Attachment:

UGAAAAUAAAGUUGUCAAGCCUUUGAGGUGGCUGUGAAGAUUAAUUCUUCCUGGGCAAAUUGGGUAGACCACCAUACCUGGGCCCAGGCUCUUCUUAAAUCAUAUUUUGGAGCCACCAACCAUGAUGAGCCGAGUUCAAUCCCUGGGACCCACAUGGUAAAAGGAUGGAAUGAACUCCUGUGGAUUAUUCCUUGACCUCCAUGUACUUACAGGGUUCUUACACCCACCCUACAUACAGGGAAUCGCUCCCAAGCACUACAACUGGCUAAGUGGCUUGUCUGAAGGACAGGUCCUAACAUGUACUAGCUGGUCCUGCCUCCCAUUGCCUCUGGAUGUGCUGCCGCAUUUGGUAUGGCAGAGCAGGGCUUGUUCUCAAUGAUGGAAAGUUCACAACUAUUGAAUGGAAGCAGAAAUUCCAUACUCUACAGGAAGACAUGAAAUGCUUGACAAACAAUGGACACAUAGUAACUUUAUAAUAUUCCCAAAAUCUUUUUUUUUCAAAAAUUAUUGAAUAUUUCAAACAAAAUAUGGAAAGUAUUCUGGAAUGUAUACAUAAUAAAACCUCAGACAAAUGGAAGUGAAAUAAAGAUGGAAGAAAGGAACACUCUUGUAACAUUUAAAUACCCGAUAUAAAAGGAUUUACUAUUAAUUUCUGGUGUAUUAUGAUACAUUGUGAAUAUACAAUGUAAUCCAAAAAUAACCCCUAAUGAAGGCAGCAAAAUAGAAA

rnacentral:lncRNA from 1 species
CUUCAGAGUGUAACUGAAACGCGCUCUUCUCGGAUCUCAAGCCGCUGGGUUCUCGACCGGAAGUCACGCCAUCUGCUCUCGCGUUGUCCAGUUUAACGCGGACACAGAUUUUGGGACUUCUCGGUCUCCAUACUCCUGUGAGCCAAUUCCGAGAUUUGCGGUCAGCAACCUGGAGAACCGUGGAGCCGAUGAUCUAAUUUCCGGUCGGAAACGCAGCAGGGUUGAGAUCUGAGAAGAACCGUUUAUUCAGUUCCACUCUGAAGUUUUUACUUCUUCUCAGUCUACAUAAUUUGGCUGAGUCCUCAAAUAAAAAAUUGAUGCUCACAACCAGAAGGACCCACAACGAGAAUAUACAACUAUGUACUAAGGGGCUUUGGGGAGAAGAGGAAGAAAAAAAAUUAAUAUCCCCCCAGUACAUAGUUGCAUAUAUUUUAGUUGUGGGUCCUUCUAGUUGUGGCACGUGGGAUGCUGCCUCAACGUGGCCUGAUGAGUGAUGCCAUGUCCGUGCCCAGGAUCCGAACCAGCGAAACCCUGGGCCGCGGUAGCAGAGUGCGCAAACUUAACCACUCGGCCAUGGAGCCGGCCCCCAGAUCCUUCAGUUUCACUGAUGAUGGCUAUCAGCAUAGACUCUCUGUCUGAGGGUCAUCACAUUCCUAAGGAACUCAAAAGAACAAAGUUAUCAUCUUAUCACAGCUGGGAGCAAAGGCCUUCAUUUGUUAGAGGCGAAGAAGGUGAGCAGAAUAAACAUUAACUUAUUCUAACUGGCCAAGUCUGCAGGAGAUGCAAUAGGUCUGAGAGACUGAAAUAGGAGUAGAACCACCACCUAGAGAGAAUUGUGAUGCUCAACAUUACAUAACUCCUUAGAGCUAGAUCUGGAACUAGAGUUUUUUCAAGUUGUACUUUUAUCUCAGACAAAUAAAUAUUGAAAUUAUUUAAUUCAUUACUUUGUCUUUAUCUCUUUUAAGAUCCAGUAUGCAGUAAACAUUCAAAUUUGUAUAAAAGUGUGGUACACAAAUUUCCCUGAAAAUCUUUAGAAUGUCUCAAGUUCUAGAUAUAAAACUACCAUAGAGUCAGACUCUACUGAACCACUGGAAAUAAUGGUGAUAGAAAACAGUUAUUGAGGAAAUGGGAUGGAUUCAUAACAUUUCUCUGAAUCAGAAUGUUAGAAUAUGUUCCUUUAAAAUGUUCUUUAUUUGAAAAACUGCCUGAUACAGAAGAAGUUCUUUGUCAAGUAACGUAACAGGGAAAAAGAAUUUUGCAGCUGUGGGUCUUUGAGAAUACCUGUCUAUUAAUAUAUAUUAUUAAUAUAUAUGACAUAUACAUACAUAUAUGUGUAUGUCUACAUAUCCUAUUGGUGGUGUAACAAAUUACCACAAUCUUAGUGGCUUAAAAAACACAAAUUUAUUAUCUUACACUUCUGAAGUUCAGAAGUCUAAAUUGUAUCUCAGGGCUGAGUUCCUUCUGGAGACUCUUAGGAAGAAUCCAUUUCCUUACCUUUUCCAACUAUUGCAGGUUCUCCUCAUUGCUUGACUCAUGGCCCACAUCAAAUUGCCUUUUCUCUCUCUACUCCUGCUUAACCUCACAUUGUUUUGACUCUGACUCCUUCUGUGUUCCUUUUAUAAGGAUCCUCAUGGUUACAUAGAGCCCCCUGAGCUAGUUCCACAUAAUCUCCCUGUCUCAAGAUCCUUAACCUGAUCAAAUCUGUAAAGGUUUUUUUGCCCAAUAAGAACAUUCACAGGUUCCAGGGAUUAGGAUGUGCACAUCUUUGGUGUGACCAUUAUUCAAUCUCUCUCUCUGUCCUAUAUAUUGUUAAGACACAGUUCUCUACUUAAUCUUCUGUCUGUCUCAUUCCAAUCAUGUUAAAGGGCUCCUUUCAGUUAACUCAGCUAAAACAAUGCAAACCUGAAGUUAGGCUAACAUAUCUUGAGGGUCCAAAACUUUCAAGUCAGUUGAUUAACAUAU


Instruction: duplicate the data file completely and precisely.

UGAAAAUAAAGUUGUCAAGCCUUUGAGGUGGCUGUGAAGAUUAAUUCUUCCUGGGCAAAUUGGGUAGACCACCAUACCUGGGCCCAGGCUCUUCUUAAAUCAUAUUUUGGAGCCACCAACCAUGAUGAGCCGAGUUCAAUCCCUGGGACCCACAUGGUAAAAGGAUGGAAUGAACUCCUGUGGAUUAUUCCUUGACCUCCAUGUACUUACAGGGUUCUUACACCCACCCUACAUACAGGGAAUCGCUCCCAAGCACUACAACUGGCUAAGUGGCUUGUCUGAAGGACAGGUCCUAACAUGUACUAGCUGGUCCUGCCUCCCAUUGCCUCUGGAUGUGCUGCCGCAUUUGGUAUGGCAGAGCAGGGCUUGUUCUCAAUGAUGGAAAGUUCACAACUAUUGAAUGGAAGCAGAAAUUCCAUACUCUACAGGAAGACAUGAAAUGCUUGACAAACAAUGGACACAUAGUAACUUUAUAAUAUUCCCAAAAUCUUUUUUUUUCAAAAAUUAUUGAAUAUUUCAAACAAAAUAUGGAAAGUAUUCUGGAAUGUAUACAUAAUAAAACCUCAGACAAAUGGAAGUGAAAUAAAGAUGGAAGAAAGGAACACUCUUGUAACAUUUAAAUACCCGAUAUAAAAGGAUUUACUAUUAAUUUCUGGUGUAUUAUGAUACAUUGUGAAUAUACAAUGUAAUCCAAAAAUAACCCCUAAUGAAGGCAGCAAAAUAGAAA

rnacentral:lncRNA from 1 species
CUUCAGAGUGUAACUGAAACGCGCUCUUCUCGGAUCUCAAGCCGCUGGGUUCUCGACCGGAAGUCACGCCAUCUGCUCUCGCGUUGUCCAGUUUAACGCGGACACAGAUUUUGGGACUUCUCGGUCUCCAUACUCCUGUGAGCCAAUUCCGAGAUUUGCGGUCAGCAACCUGGAGAACCGUGGAGCCGAUGAUCUAAUUUCCGGUCGGAAACGCAGCAGGGUUGAGAUCUGAGAAGAACCGUUUAUUCAGUUCCACUCUGAAGUUUUUACUUCUUCUCAGUCUACAUAAUUUGGCUGAGUCCUCAAAUAAAAAAUUGAUGCUCACAACCAGAAGGACCCACAACGAGAAUAUACAACUAUGUACUAAGGGGCUUUGGGGAGAAGAGGAAGAAAAAAAAUUAAUAUCCCCCCAGUACAUAGUUGCAUAUAUUUUAGUUGUGGGUCCUUCUAGUUGUGGCACGUGGGAUGCUGCCUCAACGUGGCCUGAUGAGUGAUGCCAUGUCCGUGCCCAGGAUCCGAACCAGCGAAACCCUGGGCCGCGGUAGCAGAGUGCGCAAACUUAACCACUCGGCCAUGGAGCCGGCCCCCAGAUCCUUCAGUUUCACUGAUGAUGGCUAUCAGCAUAGACUCUCUGUCUGAGGGUCAUCACAUUCCUAAGGAACUCAAAAGAACAAAGUUAUCAUCUUAUCACAGCUGGGAGCAAAGGCCUUCAUUUGUUAGAGGCGAAGAAGGUGAGCAGAAUAAACAUUAACUUAUUCUAACUGGCCAAGUCUGCAGGAGAUGCAAUAGGUCUGAGAGACUGAAAUAGGAGUAGAACCACCACCUAGAGAGAAUUGUGAUGCUCAACAUUACAUAACUCCUUAGAGCUAGAUCUGGAACUAGAGUUUUUUCAAGUUGUACUUUUAUCUCAGACAAAUAAAUAUUGAAAUUAUUUAAUUCAUUACUUUGUCUUUAUCUCUUUUAAGAUCCAGUAUGCAGUAAACAUUCAAAUUUGUAUAAAAGUGUGGUACACAAAUUUCCCUGAAAAUCUUUAGAAUGUCUCAAGUUCUAGAUAUAAAACUACCAUAGAGUCAGACUCUACUGAACCACUGGAAAUAAUGGUGAUAGAAAACAGUUAUUGAGGAAAUGGGAUGGAUUCAUAACAUUUCUCUGAAUCAGAAUGUUAGAAUAUGUUCCUUUAAAAUGUUCUUUAUUUGAAAAACUGCCUGAUACAGAAGAAGUUCUUUGUCAAGUAACGUAACAGGGAAAAAGAAUUUUGCAGCUGUGGGUCUUUGAGAAUACCUGUCUAUUAAUAUAUAUUAUUAAUAUAUAUGACAUAUACAUACAUAUAUGUGUAUGUCUACAUAUCCUAUUGGUGGUGUAACAAAUUACCACAAUCUUAGUGGCUUAAAAAACACAAAUUUAUUAUCUUACACUUCUGAAGUUCAGAAGUCUAAAUUGUAUCUCAGGGCUGAGUUCCUUCUGGAGACUCUUAGGAAGAAUCCAUUUCCUUACCUUUUCCAACUAUUGCAGGUUCUCCUCAUUGCUUGACUCAUGGCCCACAUCAAAUUGCCUUUUCUCUCUCUACUCCUGCUUAACCUCACAUUGUUUUGACUCUGACUCCUUCUGUGUUCCUUUUAUAAGGAUCCUCAUGGUUACAUAGAGCCCCCUGAGCUAGUUCCACAUAAUCUCCCUGUCUCAAGAUCCUUAACCUGAUCAAAUCUGUAAAGGUUUUUUUGCCCAAUAAGAACAUUCACAGGUUCCAGGGAUUAGGAUGUGCACAUCUUUGGUGUGACCAUUAUUCAAUCUCUCUCUCUGUCCUAUAUAUUGUUAAGACACAGUUCUCUACUUAAUCUUCUGUCUGUCUCAUUCCAAUCAUGUUAAAGGGCUCCUUUCAGUUAACUCAGCUAAAACAAUGCAAACCUGAAGUUAGGCUAACAUAUCUUGAGGGUCCAAAACUUUCAAGUCAGUUGAUUAACAUAU